How to avoid falling for fake news

“Fake news” is a buzzword used by both sides of the aisle to try to create a moral equivalency between the news and the other two forms of propaganda: “news” and “propaganda.”

“It’s a way of saying that you’re going to say whatever you want to say, because you’re doing it for the money,” said Robert Pape, a senior fellow at the Council on Foreign Relations who has studied fake news for years.

“But the truth is you’re not, and that’s really problematic.”

In the last year, President Donald Trump has used the phrase in more than 20 tweets and in his first press conference in nearly a month, saying he believes it is a “disgrace.”

A White House spokeswoman said Trump “believes the media is fake news and is trying to rig the election for Hillary Clinton.”

Fake news is a broad term that includes anything that doesn’t conform to what mainstream news sources typically publish.

The term itself, though, is often used to refer to news that purports to come from a source that is not affiliated with the news organization in question.

Fake news, which has become increasingly popular in recent years, is an area where the United States and many countries have come under fire for failing to do enough to fight it.

In recent years we’ve seen a proliferation of fake news websites and social media platforms that peddle “fake news,” which they call alternative facts.

They often use a mixture of conspiracy theories, sensational headlines and conspiracy theories to drive traffic and profits to websites that are popular among the right-wing and often hostile to mainstream media outlets.

“There’s a growing body of evidence that fake news is real,” said David French, director of the Center for Information Technology and Public Policy at New York University.

The phenomenon has spawned an online backlash.

A survey by the Pew Research Center found that nearly three-quarters of American adults have heard some kind of criticism of the media from friends or family members, while nearly half said they had been called a “doxxer” or “disinfo.”

It’s also a trend that has been linked to a rise in anti-Semitic incidents and to a recent uptick in racist threats targeting Jewish communities.

In some instances, fake news sites have created “troll farms” to target political opponents and critics of the Trump administration, said French, who has investigated fake news online for decades.

“The notion that you can get away with it because the information is coming from a trusted source is very dangerous,” French said.

In the past year, the president’s own administration has launched a “war on facts” that was led by press secretary Sean Spicer, who made headlines last month when he tweeted that his boss is “not even a good liar.”

Trump’s campaign has also been under fire since it published false statements about him and his aides during the campaign.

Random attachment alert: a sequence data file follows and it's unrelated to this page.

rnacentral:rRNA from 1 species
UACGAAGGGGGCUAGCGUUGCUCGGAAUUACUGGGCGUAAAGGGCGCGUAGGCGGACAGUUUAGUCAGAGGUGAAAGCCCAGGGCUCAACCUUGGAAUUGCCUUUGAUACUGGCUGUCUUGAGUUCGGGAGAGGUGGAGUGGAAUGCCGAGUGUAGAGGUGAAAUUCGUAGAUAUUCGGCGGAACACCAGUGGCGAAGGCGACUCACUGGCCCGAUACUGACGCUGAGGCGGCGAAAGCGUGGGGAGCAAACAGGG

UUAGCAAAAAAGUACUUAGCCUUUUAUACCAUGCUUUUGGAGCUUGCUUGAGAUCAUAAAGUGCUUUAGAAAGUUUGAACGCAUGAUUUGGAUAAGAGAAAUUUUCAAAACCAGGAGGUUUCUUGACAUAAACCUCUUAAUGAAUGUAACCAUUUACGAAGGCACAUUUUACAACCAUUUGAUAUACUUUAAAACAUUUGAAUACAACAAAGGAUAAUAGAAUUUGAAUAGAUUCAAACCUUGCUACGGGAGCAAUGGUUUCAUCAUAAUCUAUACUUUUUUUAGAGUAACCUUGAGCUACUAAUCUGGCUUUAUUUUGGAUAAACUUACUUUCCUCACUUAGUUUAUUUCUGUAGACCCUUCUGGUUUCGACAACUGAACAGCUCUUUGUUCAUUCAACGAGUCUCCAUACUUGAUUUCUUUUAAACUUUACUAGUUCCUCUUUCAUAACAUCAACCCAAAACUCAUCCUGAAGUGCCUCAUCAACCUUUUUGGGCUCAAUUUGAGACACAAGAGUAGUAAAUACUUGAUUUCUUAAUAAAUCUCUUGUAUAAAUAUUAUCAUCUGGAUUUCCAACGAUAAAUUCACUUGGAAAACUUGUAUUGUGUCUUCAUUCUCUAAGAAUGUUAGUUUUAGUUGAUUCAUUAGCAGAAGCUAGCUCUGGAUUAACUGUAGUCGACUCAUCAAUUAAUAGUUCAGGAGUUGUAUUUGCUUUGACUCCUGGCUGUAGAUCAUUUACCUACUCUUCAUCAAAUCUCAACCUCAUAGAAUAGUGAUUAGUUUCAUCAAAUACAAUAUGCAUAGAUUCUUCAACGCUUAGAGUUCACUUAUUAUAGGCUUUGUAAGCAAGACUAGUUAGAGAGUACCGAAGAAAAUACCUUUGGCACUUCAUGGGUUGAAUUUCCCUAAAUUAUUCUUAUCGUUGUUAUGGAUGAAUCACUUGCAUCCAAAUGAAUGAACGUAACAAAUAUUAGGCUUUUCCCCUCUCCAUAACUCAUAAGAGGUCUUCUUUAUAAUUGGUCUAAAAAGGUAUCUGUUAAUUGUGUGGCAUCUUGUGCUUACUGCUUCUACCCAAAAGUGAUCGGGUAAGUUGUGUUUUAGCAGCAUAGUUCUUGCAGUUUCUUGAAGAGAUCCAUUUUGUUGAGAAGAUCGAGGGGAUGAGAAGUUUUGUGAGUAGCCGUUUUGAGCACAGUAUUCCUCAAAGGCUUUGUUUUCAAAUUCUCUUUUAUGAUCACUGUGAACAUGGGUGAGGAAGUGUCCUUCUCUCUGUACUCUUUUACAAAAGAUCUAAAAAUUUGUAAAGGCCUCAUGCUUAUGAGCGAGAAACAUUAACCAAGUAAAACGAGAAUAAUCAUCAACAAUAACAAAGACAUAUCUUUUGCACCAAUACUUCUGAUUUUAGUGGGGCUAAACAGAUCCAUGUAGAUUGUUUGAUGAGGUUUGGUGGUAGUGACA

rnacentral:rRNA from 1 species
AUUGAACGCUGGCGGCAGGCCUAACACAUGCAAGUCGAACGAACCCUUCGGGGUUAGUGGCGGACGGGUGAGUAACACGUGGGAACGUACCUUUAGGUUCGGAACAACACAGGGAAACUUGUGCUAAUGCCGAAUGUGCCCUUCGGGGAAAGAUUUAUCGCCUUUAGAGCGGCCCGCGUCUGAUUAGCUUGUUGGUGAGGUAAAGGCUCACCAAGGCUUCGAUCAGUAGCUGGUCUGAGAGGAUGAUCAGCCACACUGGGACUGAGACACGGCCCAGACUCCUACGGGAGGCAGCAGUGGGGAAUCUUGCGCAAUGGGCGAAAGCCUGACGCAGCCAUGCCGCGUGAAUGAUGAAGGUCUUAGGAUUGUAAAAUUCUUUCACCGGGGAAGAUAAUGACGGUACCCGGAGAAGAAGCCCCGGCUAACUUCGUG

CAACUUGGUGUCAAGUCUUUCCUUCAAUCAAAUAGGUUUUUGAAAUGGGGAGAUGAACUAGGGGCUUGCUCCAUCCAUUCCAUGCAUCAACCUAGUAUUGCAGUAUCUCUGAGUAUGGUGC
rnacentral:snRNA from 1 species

The President also has been under scrutiny over the handling of the investigation into Russia’s interference in the 2016 election, which included the hiring of former FBI Director James Comey, who was fired last week.

The investigations into Russia and Trump have also become part of a larger partisan political debate, with Trump’s opponents accusing him of stoking the issue to boost his political career.

Trump has denied any wrongdoing and called the Russia investigations “fake” news, while Democrats and other critics have called it an attempt to delegitimize the legitimacy of the 2016 presidential election.

The Trump administration has also launched multiple investigations into former National Security Adviser Michael Flynn, a retired four-star general who was caught up in the probe, and former acting Attorney General Sally Yates, who had to resign in May after she refused to defend Trump’s first travel ban after he called it a Muslim ban.

In February, the Justice Department issued a public statement accusing Flynn of lying to the vice president about his communications with the Russian ambassador.

In a separate statement, the department said Yates made a false statement that “appeared to indicate that Ms. Yates did not have a policy directive to decline any request for an extension of the invitation to visit Russia.”

Trump has also said the Russia probe has damaged his standing with the American people, including calling for the investigation to be closed down.

But in his new book, “The Art of the Deal,” Trump calls for an independent special prosecutor to investigate the Russia investigation and said the “real scandal is not the Russia inquiry, but the collusion between the Trump campaign and the Russian government.”

“The real scandal is that the special counsel’s team has become the scapegoat, the scapegoats for all the problems in our country,” Trump wrote in the book.

The book, published last week, also says the investigation has exposed a “massive conflict of interest” in which “our president and his top advisers colluded to cover up the true facts of the collusion with Russia.”

But Pape said there is no reason to believe that the probe into Russia is anything like the Russia allegations.

“It is not an open-and-shut case.

There are no clear,